On this dreary day, I did not want to leave my house and the comfort it provided. Rain drizzled to the earth, creating a thin veil over my perspective as I looked out the window. Behind me a small fire danced in the hearth, flickering warmth.
The flowers in my garden swayed back and forth, caressed by the wind. Raindrops fell from their bright petals, dripping in chaotic fashion to the ground below. My rose bush glistened with water, the centerpiece of my wet garden.
My neighbor’s vehicle sat unused in the driveway. The blue suburban looked as if it enjoyed the rain. A dog’s tail could be seen sticking out from the underbelly of the car.
Rain fell faster, harder.
On this dreary day, the window began to rattle from the force of the wind, making me shudder. The fire behind me continued to crackle, assuring me all was still well.
The rain began to pummel my flowers, bending their bright petals downward if they wouldn’t tear. My rosebush hid behind a curtain of water flowing from each branch, each thistle.
The dog curled up tighter under the car as the vehicle rocked every now and then. I could almost hear the animal whining, wishing its master would let him inside.
Rain fell faster, harder.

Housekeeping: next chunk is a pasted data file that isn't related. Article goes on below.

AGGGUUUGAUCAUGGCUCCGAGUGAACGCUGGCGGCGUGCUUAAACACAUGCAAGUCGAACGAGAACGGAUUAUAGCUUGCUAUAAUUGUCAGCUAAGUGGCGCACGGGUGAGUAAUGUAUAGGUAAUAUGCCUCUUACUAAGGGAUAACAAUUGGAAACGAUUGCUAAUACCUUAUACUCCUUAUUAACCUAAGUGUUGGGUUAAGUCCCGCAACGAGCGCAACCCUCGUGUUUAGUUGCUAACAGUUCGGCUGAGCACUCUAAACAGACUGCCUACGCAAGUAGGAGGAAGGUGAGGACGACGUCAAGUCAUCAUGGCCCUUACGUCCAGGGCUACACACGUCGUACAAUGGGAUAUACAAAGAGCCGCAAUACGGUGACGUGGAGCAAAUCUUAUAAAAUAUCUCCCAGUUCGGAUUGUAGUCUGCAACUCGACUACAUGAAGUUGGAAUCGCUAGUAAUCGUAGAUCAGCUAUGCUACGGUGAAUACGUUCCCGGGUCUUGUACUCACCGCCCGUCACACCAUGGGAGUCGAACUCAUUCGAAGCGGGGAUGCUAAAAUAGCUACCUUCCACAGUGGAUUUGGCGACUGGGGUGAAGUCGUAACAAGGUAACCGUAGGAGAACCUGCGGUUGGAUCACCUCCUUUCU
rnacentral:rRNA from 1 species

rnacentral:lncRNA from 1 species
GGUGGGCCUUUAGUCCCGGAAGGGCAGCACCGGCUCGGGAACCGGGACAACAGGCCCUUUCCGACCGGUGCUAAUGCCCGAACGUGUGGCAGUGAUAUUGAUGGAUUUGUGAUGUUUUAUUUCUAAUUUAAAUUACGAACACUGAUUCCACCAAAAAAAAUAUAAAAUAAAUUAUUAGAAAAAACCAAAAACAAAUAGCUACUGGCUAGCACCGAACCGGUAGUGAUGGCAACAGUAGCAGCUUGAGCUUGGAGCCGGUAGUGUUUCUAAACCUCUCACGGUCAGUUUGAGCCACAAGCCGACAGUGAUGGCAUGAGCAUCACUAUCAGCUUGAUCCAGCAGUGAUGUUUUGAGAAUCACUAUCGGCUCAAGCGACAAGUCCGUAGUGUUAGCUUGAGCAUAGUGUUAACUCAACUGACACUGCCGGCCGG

On this dreary day, the window began to crack. I took a few steps back just before the window shattered and hail streaked across the room, snuffing out the fire. My feet carried me to a safer room, one with a smaller, still intact window.
My flowers struggled for life under the assault of ice. They tried to stay upright, their bright petals now shredded. The rose bush seemed to hold its own with only a few of its branches cracking.
The neighbor’s car windows were shattered, the dog running out in alarm only to retreat quickly back underneath. The animal’s cries were swallowed by the downpour. The car continued to rock back and forth, insides ruined and wet.
I looked away from the window for the rest of the storm until it subsided, and everything grew still while the rain slowed to a drizzle on this dreary day.
Bringing back the oldies.
I published my first book in 2006. I went out and bought the Writer’s Market edition for that year, and ended up with an indie publisher, what appeared to be a more prominent one circulating around at that time.
Family and friends were generous enough to throw me a book launch party, but after that, my book didn’t sell much. I would get small royalty checks for the first two or three years after, and then nothing else came.
I figured my book had bombed—no one wanted to read it, so I continued writing but didn’t publish anything else for many years.
Fast forward to last year, I came across an article saying my publishing company was getting sued.
What for, you may ask? For scamming authors by telling them their books weren’t selling and keeping the royalties. Someone got mad enough, went after the publishing company, and last I heard, they are no longer in business.
So I don’t know if my original short story collection sold well or not, but the only way it is currently available is through paperback by third-party sellers—people who got their hands on a copy before the publishing company stopped producing it. There was no ebook available—until now.